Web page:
Good Dental Habits Gone Bad
While dental care was pretty low in most people’s priorities even as little as thirty years ago, it’s risen up the ranks in recent years to be one of the most well-observed health considerations of all.
Nowadays, we all understand the importance of daily dental hygiene and six-monthly check-ups with a dentist. The trouble is that, as many people find out the hard way, ‘good’ dental habits can often do damage in ways that we don’t foresee.
Regular appointments with a professional are your best way to offset/avoid these surprisingly negative influences. But, to make sure you don’t go down a path that turns your good intentions into another filling, keep reading to find out what these bad habits in disguise are.
Brushing too hard
According to the Wall Street Journal, as many as 10-20% of the population brush their teeth too hard. More worryingly, this negative habit can cause gum recession and even bleeding gums. In other words, you can quite literally brush your gum lines into oblivion. This is terrible news, as it exposes the roots of your teeth and, unchecked, can lead to the need for extensive work, much as you’d receive if you weren’t brushing at all.
The solution is tenfold and involves finding a brush with softer bristles and, more importantly, working on your brush strokes. Rather than scrubbing (as people seem to do in movies,) you want to focus on small circular motion, specifically where the tooth meets your gum.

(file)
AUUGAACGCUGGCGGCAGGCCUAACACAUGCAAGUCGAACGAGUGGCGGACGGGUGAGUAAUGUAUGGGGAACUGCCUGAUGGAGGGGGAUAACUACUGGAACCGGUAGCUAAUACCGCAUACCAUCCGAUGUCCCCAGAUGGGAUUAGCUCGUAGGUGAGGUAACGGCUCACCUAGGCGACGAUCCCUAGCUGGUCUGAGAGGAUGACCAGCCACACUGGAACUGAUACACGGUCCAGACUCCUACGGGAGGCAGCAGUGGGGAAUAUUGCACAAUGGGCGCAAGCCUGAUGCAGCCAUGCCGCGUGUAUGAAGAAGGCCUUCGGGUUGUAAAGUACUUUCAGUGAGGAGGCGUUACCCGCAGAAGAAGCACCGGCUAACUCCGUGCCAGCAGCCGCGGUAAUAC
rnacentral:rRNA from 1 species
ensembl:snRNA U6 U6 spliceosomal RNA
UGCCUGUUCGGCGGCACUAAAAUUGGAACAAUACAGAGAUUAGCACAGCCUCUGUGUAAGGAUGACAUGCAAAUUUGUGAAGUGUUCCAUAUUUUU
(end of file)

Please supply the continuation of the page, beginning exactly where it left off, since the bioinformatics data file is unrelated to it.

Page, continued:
Fossing has also come under fire of late, with many recent studies revealing that there’s no real evidence it has any beneficial impact. In fact, mistakes like flossing too hard, fast, or often can lead to the same damage mentioned above, if not worse.
Ultimately, flossing can be beneficial for getting food from hard-to-reach places, but you should floss gently, no more than once a day, to avoid irritating your gums.
‘Healthy snacks’ that do more damage than good
We all know that snacking on sweets is bad news. After all, sugar is a leading cause of plaque and, ultimately, holes. But, what many of us don’t realise when we reach for healthy snacks is that these can often be just as bad if not worse than their obviously unhealthy counterparts. Specifically, highly acidic fruit is the worst thing you can expose your teeth to.
That acid is so bad for wearing away tooth enamel that dentists recommend rinsing with water straight after and waiting at least thirty minutes before brushing so that enamel has time to resettle.
A final word
It can be difficult to get your dental routine just right, and taking these go-tos off the table can make it seem even trickier. In reality, though, a simplified brushing routine that puts gentle, focused strokes at the forefront is the best way to keep your teeth healthy. This, paired with flossing in moderation and regular dental visits, is really all it takes to get tooth care right once and for all.